Chamber of Commerce looks to year ahead

When Kit Cramer arrived at the Asheville Area Chamber of Commerce as president and CEO in 2010, Asheville’s downtown was the subject of much complaining about panhandling, trash and graffiti.

Fourteen years later, Asheville’s downtown is the subject of much complaining about panhandling, trash and graffiti. And the community is once again considering a BID.

A plan for everything

Late last month, Asheville City Council passed the Haywood Road Vision Plan, a years-long effort by community members and city staff to outline the future of the corridor. It’s not a one-time event either: Such plans for different areas of the city are a main way city leaders hope to shape the Asheville of tomorrow, and it’s a plan they want to extend to more neighborhoods. Sometimes, however, these plans can also prove controversial.

Asheville BID Board blasts Council over skepticism­, delays

At a meeting Thursday morning, March 14, members of the downtown Asheville Business Improvement District board harshly criticized Asheville City Council for delaying approval of the BID’s proposed bylaws and expressing “disappointment” that the board hadn’t also submitted a detailed budget. Many board members said they were almost ready to walk away from the project.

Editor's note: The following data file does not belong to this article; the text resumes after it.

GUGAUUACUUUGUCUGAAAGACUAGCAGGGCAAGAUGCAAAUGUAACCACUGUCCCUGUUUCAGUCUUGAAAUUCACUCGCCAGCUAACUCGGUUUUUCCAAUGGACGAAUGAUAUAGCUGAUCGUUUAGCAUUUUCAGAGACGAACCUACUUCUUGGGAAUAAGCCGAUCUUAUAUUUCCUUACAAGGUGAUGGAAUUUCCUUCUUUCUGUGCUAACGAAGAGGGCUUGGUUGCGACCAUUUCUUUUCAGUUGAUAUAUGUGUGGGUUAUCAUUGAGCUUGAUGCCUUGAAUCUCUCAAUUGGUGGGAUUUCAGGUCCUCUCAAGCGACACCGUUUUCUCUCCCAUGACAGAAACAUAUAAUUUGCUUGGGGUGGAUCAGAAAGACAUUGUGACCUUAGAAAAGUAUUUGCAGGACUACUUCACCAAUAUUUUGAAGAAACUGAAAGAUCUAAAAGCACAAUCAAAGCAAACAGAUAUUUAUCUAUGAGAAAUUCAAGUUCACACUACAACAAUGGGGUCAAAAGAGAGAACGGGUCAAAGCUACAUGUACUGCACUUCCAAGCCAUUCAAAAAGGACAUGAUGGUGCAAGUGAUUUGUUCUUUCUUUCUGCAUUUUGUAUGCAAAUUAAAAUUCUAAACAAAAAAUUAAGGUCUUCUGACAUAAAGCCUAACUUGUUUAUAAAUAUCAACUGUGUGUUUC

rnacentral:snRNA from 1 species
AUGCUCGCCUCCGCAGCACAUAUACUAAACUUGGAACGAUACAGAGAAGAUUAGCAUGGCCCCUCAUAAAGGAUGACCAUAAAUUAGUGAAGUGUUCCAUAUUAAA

Goodbye Bele Chere, hello “creative economies”

This year’s Bele Chere will be the last — at least, the last run by the city, as Asheville City Council members agreed during a March 12 budget session to end their financial involvement. As part of an overhaul in the way government deals with arts and festivals, city staff are also studying a proposal that sets up a “creative economies” chief, instead of a traditional arts administration staff. Photo by Max Cooper.

Revised BID proposal: delayed ambassador­s, shorter borders, adjusted board

The Interim BID Board has released its revised proposal for a Business Improvement District in downtown Asheville. The new proposal shortens the borders of the district, delays the controversial ambassador safety program, and changes the composition of the governing board, as well as opening the possibility of a lower tax to fund the district.

To BID or not to BID: Government coercion no solution to downtown issues

The basic idea behind the business-improvement district proposed for downtown Asheville is a good one: people working together to solve shared problems that tend to hamper or impede the conduct of business and peaceful living. Graffiti, vandalism, snow, trash, debris, crimes and misdemeanors are real issues — but solutions to these and other problems can be effected individually or cooperatively.